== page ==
On a sweltering day in Kabul two years ago, Afghan journalist Freshta Negah was in a rush to get to a reporting assignment. As she walked down the street to find a cab a man on a bicycle rode toward her, slowing down as he approached. She stiffened, fearing he would harass her, a too-common occurrence on Kabul’s streets. He rode past. Relieved, she says she quietly laughed to herself, realizing how paranoid she had become.
But almost immediately, the man came back and reached out to grab her. She screamed, and then did almost instinctively what most Afghan women have learned to do: she took off her shoes and threw them at her tormenter with all her might. Negah’s throw hit the mark, forcing the man to pedal away as fast as he could. “Men mistreating women is nothing unusual,” she tells The Daily Beast. “We’re chased on the streets all the time by men asking for phone numbers, making obscene offers of friendship, or even worse—physical harassment.”
“In our traditions, throwing a shoe during a fight is a sign that I can hurt you, a sign that I have power too,” she adds. “It’s our best and only weapon.”
It’s a blessing of sorts that in a violent country like Afghanistan, where an AK-47 is often used to settle scores, the throwing of shoes for self-defense and to shame and humiliate an opponent has become a common practice, a part of the culture. Shoes are viewed as being dirty and loathsome. Hitting someone with such a lowly object is meant to bring about disgrace and embarrassment. Women are not the only ones defending themselves by shoe-throwing on the streets of Kabul. Parliamentarians, too, are using their shoes as a weapon of choice inside the chamber. “In Parliament shoe-throwing happens all too regularly and will keep on happening,” says an MP who last year threw his shoes and anything else he could grab at another MP who was insulting him, an action that was widely viewed on YouTube. “It’s the best way to express your hatred against ignorant and stupid people,” he says.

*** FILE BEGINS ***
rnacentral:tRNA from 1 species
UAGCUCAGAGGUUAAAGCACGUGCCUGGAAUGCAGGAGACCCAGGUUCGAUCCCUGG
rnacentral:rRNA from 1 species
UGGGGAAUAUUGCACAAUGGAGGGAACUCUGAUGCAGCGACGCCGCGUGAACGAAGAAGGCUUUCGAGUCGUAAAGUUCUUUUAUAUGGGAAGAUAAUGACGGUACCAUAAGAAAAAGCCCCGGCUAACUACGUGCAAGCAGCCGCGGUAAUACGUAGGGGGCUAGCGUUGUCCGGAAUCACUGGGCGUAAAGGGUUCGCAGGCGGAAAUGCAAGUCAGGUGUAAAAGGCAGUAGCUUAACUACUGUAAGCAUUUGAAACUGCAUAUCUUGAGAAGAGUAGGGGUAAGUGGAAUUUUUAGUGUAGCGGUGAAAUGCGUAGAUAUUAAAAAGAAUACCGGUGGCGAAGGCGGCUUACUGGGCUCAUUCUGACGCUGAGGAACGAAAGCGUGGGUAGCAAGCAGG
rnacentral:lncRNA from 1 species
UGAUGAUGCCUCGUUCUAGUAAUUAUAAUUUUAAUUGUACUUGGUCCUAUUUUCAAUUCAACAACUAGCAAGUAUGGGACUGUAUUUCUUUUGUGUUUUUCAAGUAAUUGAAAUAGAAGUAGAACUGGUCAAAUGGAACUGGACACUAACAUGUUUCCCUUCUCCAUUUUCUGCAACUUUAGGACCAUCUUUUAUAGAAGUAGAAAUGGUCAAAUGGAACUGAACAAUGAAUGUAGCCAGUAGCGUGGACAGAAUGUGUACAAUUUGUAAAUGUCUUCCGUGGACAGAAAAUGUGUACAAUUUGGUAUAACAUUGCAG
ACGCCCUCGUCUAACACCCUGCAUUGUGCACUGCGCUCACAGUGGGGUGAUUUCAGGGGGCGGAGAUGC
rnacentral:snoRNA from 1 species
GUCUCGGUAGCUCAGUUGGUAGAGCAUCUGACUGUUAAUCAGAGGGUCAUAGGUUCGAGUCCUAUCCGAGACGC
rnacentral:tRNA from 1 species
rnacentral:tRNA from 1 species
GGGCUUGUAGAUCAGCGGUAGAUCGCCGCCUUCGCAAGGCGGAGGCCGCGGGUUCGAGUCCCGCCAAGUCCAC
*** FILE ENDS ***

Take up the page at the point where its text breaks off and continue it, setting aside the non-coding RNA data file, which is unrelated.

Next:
“In our traditions, throwing a shoe during a fight is a sign that I can hurt you, a sign that I have power too.”
The MP, a Pashtun from an eastern province who declines to be named, says he couldn’t take the insults any longer. Another MP, an ethnic Uzbek from the north, began railing at the Pashtun during a debate, blaming all the suicide and roadside bombings and the country’s rampant corruption on ethnic Pashtuns. The Pashtun MP exploded and retaliated by throwing his shoes and anything else he could get his hands on at his accuser. “If I’d had a dead dog, I would have tied it around that guy’s neck,” he says angrily. “But at that moment my shoes were all that I had.” In Parliament even women throw shoes at each other. Last year a lady MP from the north who is popularly known as “the general” for her martial manners suddenly threw her shoes during a parliamentary debate at another woman MP who represents nomads. The general, who was dressed in a black chador, then quickly descended two rows and began punching the other MP before cooler heads intervened and broke up the fight.
A young medical student and body builder, Jalil Parwani, learned his lesson about not harassing young women on the streets the hard way. He and his friend were biking home from the Kabul medical faculty earlier this year when they came across six female students walking home. Parwani began to harass them, he recalls. He says he shouted at one: “You look like a princess walking so nicely and romantically.” The girls ignored him and then ducked into a hamburger shop. Parwani and his friend followed. He told the cook loudly, “Don’t make the burgers too hot,” he recalls saying. “We don’t want to burn their beautiful lips.” With that the two young men were hit by a barrage of shoes thrown by the girls. He says the one he called a princess hit him harder than the others. “Some of those shoes are made of heavy leather and really hurt a lot,” he says. Immediately, everyone in the shop began laughing at the two embarrassed young men. “It was the worst and most shameful experience of my life,” he says. “If that scene had been captured and shown on YouTube, I would have had to disappear from the university to hide my shame.”
“There’s no greater shame in our culture than to be hit by women’s shoes,” he adds. “I learned such a lesson that now every girl I see is my sister and I will never bother them again.”
But even worse things can happen to a man who is harassing women on the street than being hit and humiliated by a well-thrown shoe. Safia Safi, a third-year Kabul university student and ethnic Pashtun from eastern Afghanistan, was recently harassed by a young man on a Kabul street. She immediately threw her shoes at him. “Shoes are unworthy things in our culture and whomever we hit with those shoes is worthless,” she says. “These men are cheap and deserve to be hurt by cheap stuff.” But as her molester ran off he took Safi’s shoes with him, forcing her to walk home barefoot. Safi’s brother exploded when he heard the story. He quickly grabbed a knife, she says, and ran after the man, threatening to kill him. “He should have known that it’s not wise to bother Pashtun girls,” she says. “Harassing us could mean certain death.”
“Bad manners should be severely punished,” she adds angrily. Every Afghan woman would heartily agree with that.